This is "in line with the U.S. economic slowdown," Dataquest wrote in a report. Revenue reached $57 billion last year, up 33 percent from 1999.
Global sales are expected to drop 16.7 percent to $188 billion this year, from a record of $226 billion a year ago, Dataquest said. Last year's growth was more than 32 percent.
"The global demand slowdown, particularly in the U.S., since the fourth quarter of last year has greatly affected semiconductor growth in 2001," Dataquest senior analyst Philip Koh said. "The outlook in the semiconductor industry in 2001 is gloomy."
However, next year will witness "a fairly slow, anticipated recovery", bringing revenues to $213 billion worldwide and $59.5 billion in Asia-Pacific, according to the report.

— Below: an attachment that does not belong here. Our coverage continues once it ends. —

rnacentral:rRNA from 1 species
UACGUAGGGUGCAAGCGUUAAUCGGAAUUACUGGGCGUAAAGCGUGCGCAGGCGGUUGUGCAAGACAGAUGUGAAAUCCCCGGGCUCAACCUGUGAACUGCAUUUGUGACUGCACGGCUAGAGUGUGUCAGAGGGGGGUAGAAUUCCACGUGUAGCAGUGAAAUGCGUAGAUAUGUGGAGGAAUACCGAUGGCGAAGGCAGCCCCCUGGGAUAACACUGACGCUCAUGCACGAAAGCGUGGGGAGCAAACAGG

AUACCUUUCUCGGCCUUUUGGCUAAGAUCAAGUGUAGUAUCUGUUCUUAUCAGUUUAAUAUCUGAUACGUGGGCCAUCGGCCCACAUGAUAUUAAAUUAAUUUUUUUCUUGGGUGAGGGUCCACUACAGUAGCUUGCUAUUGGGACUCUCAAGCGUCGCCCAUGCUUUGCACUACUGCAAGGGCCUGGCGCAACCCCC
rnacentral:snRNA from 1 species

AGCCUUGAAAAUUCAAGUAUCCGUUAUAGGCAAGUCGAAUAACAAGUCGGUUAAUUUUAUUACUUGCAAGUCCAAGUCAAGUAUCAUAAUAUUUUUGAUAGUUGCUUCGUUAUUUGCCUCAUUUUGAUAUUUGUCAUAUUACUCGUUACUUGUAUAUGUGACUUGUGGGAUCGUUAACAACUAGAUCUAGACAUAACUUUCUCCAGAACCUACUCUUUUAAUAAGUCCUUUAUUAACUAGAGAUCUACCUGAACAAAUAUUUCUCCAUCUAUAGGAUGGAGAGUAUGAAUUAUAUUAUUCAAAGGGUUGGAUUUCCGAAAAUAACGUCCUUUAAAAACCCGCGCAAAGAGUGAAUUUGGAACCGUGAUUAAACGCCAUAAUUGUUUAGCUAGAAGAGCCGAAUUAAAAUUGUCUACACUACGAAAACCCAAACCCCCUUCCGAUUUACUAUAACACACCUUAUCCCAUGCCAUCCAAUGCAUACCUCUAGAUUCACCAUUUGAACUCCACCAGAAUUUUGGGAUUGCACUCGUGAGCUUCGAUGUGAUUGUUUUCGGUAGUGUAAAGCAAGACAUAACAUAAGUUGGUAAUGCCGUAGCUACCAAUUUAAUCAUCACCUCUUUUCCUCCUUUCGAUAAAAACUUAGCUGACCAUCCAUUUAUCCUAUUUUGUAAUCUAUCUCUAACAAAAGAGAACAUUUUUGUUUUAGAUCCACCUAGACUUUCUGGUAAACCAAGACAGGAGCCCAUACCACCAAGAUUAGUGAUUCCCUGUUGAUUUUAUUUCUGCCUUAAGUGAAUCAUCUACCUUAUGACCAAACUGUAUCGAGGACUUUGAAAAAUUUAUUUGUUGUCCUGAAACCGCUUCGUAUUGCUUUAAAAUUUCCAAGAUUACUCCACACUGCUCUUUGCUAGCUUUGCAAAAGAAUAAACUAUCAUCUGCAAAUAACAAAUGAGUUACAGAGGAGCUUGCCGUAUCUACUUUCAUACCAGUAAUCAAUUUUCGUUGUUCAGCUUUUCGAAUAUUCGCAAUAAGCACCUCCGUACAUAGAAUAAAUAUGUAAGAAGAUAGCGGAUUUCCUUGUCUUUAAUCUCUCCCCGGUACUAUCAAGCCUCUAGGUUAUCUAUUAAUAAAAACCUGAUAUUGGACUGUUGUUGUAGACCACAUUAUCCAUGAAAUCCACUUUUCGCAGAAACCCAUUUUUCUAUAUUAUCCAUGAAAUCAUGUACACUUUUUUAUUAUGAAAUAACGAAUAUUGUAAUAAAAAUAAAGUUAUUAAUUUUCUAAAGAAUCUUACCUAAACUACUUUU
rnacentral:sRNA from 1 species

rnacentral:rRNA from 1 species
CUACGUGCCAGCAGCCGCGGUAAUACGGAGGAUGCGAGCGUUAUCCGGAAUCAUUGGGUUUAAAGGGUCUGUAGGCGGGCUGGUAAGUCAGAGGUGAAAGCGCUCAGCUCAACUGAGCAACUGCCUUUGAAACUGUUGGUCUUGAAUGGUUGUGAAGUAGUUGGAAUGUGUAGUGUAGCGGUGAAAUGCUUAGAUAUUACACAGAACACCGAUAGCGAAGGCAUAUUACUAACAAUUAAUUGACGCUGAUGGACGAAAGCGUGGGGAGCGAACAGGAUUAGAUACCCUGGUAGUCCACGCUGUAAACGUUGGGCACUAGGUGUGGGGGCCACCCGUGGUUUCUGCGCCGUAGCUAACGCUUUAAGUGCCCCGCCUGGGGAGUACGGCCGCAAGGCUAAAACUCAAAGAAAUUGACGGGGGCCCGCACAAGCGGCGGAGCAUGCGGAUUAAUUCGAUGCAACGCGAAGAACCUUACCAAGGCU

"The semiconductors sector is expected to continue to expand in 2003 and 2004. However, near the end of 2004 or into 2005, the traditional imbalance of too many products is expected to again appear, initiating the next phase of the semiconductor cycle," the report said.
Many semiconductor firms have announced layoffs, losses and lowered forecasts amidst the U.S. slowdown. Chipmaker National Semiconductor said last week it would lay off about 10 percent of its 1,500 staff in Singapore and 2,500 employees in Malaysia. The move is part of the company's cost cutting measure of eliminating 1,100 jobs, or about 10 percent of its global workforce.
CNET Singapore's Irene Tham reported from Singapore.